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Elite controllers maintain undetectable levels of HIV-1 replication in the absence of antiretroviral therapy, but the correlates of immune protection in this patient population are ill defined. Here, we demonstrate that in comparison to patients with progressive HIV-1 infection or healthy persons not infected with HIV-1, elite controllers have circulating myeloid dendritic cells with significantly increased antigen-presenting properties, while their ability to secrete proinflammatory cytokines is substantially diminished. This unique functional profile is associated with a distinct surface expression pattern of immunomodulatory leukocyte-immunoglobulin-like receptors (LILR) and a strong and selective upregulation of LILRB1 and LILRB3. Blockade of these two receptors by monoclonal antibodies or short interfering RNA (siRNA) abrogated the specific antigen-presenting properties of dendritic cells, implying an important regulatory role of these molecules. These data reveal previously unrecognized innate components of immune protection against HIV-1 in elite controllers and offer novel perspectives for the manipulation of host immunity for the prevention and treatment of HIV-1 infection.
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Transcriptional analysis of HIV-specific CD8+ T cells shows that PD-1 inhibits T cell function by upregulating BATF.
Nat. Med.
PUBLISHED: 07-13-2010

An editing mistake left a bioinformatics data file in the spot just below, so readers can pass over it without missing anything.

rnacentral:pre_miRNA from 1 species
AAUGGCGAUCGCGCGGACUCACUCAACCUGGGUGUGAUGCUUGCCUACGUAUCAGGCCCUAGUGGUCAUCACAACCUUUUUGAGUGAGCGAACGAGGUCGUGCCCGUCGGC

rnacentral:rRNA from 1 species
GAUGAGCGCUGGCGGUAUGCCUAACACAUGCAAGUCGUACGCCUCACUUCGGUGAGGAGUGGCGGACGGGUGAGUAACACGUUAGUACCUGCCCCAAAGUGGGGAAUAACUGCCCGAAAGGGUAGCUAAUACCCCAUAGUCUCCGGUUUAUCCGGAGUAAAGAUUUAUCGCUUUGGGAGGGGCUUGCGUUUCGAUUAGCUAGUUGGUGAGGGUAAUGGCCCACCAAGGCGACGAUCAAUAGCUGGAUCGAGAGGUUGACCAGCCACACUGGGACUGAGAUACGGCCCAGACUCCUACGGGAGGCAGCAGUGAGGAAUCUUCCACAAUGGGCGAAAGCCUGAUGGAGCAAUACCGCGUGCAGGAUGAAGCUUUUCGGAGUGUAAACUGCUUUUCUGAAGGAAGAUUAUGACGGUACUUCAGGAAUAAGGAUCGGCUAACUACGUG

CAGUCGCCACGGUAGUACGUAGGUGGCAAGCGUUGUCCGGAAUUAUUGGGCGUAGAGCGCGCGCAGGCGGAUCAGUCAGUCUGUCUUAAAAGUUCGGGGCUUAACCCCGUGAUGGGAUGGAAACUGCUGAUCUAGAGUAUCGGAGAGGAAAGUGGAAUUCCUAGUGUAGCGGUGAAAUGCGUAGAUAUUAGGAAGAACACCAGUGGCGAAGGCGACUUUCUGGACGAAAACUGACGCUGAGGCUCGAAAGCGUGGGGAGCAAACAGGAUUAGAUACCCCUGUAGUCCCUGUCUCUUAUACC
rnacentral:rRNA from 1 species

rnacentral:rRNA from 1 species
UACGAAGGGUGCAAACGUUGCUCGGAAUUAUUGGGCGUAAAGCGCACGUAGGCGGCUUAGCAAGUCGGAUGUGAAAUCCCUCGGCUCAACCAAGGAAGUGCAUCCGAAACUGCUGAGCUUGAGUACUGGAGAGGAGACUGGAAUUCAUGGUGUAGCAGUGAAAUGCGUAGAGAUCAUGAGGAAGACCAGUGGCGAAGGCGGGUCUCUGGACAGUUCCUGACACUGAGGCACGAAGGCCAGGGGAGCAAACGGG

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CD8(+) T cells in chronic viral infections such as HIV develop functional defects including loss of interleukin-2 (IL-2) secretion and decreased proliferative potential that are collectively termed exhaustion. Exhausted T cells express increased amounts of multiple inhibitory receptors, such as programmed death-1 (PD-1), that contribute to impaired virus-specific T cell function. Although reversing PD-1 inhibition is therefore an attractive therapeutic strategy, the cellular mechanisms by which PD-1 ligation results in T cell inhibition are not fully understood. PD-1 is thought to limit T cell activation by attenuating T cell receptor (TCR) signaling. It is not known whether PD-1 also acts by upregulating genes in exhausted T cells that impair their function. Here we analyzed gene expression profiles from HIV-specific CD8(+) T cells in individuals with HIV and show that PD-1 coordinately upregulates a program of genes in exhausted CD8(+) T cells from humans and mice. This program includes upregulation of basic leucine transcription factor, ATF-like (BATF), a transcription factor in the AP-1 family. Enforced expression of BATF was sufficient to impair T cell proliferation and cytokine secretion, whereas BATF knockdown reduced PD-1 inhibition. Silencing BATF in T cells from individuals with chronic viremia rescued HIV-specific T cell function. Thus, inhibitory receptors can cause T cell exhaustion by upregulating genes--such as BATF--that inhibit T cell function. Such genes may provide new therapeutic opportunities to improve T cell immunity to HIV.